Speakers criticized but did not condemn the United States for shooting down an Iranian airliner and called in Security Council debate Friday for an end to the Iran-Iraq war.

Britain defended the United States. The Soviet Union and China said the Americans were responsible, and the Soviets said the U.S. Navy must withdraw from the Persian Gulf at once in favor of an international peacekeeping force under U.N. sponsorship.Friday was the second day of a meeting Iran requested in hopes the 15-nation council would condemn the United States for shooting down down the Iran Air Airbus and demand its withdrawal from the gulf.

Asking for the session was a reversal by Iran, which has boycotted council meetings during the 8-year-old war with Iraq, accusing the council of bias in favor of its enemy.

On Thursday, Foreign Minister Ali-Akbar Velayati of Iran condemned the United States before the council, and Vice President George Bush said the cruiser USS Vincennes acted in self-defense when it hit the jet with missiles July 3, killing all 290 people aboard.

Pentagon officials said the cruiser's officers thought the Airbus A300 was an Iranian F-14 on an attack course.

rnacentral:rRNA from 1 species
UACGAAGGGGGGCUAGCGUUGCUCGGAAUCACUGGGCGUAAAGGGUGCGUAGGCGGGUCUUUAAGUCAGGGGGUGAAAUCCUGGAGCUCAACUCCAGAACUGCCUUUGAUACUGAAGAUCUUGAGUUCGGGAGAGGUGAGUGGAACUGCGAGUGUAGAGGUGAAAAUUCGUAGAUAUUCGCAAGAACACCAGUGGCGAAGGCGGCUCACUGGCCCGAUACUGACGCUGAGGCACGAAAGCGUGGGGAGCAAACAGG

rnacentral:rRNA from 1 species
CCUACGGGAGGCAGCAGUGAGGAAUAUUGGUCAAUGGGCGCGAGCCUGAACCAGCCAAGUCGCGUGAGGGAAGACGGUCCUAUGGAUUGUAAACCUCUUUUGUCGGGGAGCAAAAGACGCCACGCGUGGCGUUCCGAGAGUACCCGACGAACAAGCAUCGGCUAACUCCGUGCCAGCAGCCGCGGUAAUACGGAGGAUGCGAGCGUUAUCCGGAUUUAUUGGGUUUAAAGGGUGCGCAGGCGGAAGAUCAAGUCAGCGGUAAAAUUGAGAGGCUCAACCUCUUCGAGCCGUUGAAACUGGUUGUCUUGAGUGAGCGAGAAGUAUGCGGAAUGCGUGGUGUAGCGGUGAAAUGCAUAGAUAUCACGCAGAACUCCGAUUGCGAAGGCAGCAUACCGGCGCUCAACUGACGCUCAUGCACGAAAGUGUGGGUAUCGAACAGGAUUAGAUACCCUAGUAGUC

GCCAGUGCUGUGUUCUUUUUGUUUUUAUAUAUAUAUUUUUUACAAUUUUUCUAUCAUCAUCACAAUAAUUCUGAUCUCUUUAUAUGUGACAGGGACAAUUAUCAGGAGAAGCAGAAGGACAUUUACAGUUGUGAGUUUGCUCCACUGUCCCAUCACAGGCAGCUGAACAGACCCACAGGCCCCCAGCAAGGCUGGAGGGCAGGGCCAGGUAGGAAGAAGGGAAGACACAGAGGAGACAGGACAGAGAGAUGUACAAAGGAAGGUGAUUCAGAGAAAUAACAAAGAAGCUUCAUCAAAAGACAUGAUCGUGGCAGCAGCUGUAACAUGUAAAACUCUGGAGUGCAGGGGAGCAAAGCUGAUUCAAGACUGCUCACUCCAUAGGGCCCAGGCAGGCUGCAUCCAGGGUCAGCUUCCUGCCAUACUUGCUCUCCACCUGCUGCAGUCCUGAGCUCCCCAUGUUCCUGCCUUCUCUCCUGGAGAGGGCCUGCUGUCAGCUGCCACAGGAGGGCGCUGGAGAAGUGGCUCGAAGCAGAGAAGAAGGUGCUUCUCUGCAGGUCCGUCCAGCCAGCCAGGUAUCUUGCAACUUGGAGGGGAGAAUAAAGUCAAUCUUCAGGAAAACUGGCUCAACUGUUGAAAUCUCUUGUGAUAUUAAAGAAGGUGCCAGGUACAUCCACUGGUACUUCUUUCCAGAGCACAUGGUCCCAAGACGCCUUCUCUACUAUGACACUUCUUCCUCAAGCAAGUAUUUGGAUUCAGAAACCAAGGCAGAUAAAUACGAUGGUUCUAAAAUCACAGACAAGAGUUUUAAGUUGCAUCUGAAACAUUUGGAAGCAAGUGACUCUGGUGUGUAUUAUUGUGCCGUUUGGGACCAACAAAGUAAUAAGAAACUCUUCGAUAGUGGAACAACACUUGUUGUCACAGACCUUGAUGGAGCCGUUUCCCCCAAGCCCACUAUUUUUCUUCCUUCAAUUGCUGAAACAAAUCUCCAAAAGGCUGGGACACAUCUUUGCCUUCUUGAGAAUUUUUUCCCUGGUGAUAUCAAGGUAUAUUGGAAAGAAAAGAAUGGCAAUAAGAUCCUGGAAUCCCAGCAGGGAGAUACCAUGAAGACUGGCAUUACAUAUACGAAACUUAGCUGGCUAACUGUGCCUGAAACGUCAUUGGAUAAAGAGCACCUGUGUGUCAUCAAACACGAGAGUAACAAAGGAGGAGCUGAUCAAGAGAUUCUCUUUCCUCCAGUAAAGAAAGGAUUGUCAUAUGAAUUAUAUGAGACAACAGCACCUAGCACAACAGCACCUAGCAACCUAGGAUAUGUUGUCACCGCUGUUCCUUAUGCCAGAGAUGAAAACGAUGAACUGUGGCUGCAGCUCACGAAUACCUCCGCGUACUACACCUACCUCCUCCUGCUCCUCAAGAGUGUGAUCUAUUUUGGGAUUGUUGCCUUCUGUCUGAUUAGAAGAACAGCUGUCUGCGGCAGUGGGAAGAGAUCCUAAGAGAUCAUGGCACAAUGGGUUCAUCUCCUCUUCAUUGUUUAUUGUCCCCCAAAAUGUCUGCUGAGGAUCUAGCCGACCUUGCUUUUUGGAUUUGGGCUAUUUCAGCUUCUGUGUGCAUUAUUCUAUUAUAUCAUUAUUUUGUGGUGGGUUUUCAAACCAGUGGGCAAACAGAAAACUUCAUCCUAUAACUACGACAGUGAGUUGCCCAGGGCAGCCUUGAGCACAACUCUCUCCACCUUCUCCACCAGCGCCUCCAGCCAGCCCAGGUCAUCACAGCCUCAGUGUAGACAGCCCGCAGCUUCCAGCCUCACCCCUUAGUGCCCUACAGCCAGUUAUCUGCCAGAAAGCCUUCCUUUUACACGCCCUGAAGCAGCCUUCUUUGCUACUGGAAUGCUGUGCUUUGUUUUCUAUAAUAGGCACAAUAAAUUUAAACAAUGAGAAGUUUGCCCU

Iran has been unable to rally support for condemnation and the council president for July, Ambassador Paulo Nogueria-Batista of Brazil, is trying to draft a document that would be acceptable to everyone and save face for Iran.

Iran requested the council meeting to condemn the destruction of the airliner and it was Iran's first appearance at the council, which it has boycotted since the beginning of the Iran-Iraq war in 1980.

Diplomatic sources said council members feel Iran must achieve something at the meeting or it will continue boycotting the council and continue rejecting 598, the year-old council resolution that demands an immediate cease-fire.

Thirteen nations spoke Friday - including Britain, China, France, Italy, Japan, West Germany, Yugoslavia, Algeria and Argentina - and the council adjourned until 3:30 p.m. Monday.

At a news conference Friday, Velayati said: "The attitude of the U.S. administration is similar to a rich man's son who drives when he's drunk. He thinks money can buy everything, and that is not true."

Valentine V. Lozinskiy, the deputy Soviet representative, said in Friday's meeting: "Destruction of the airliner is a dramatic confirmation of Soviet warnings that the unprecedented buildup of U.S. warships and aircraft has made for an explosive situation which is fraught with the most awful consequences.

The Soviet speech, like others, was moderate and Moscow sent only its second-ranking delegate to the debate.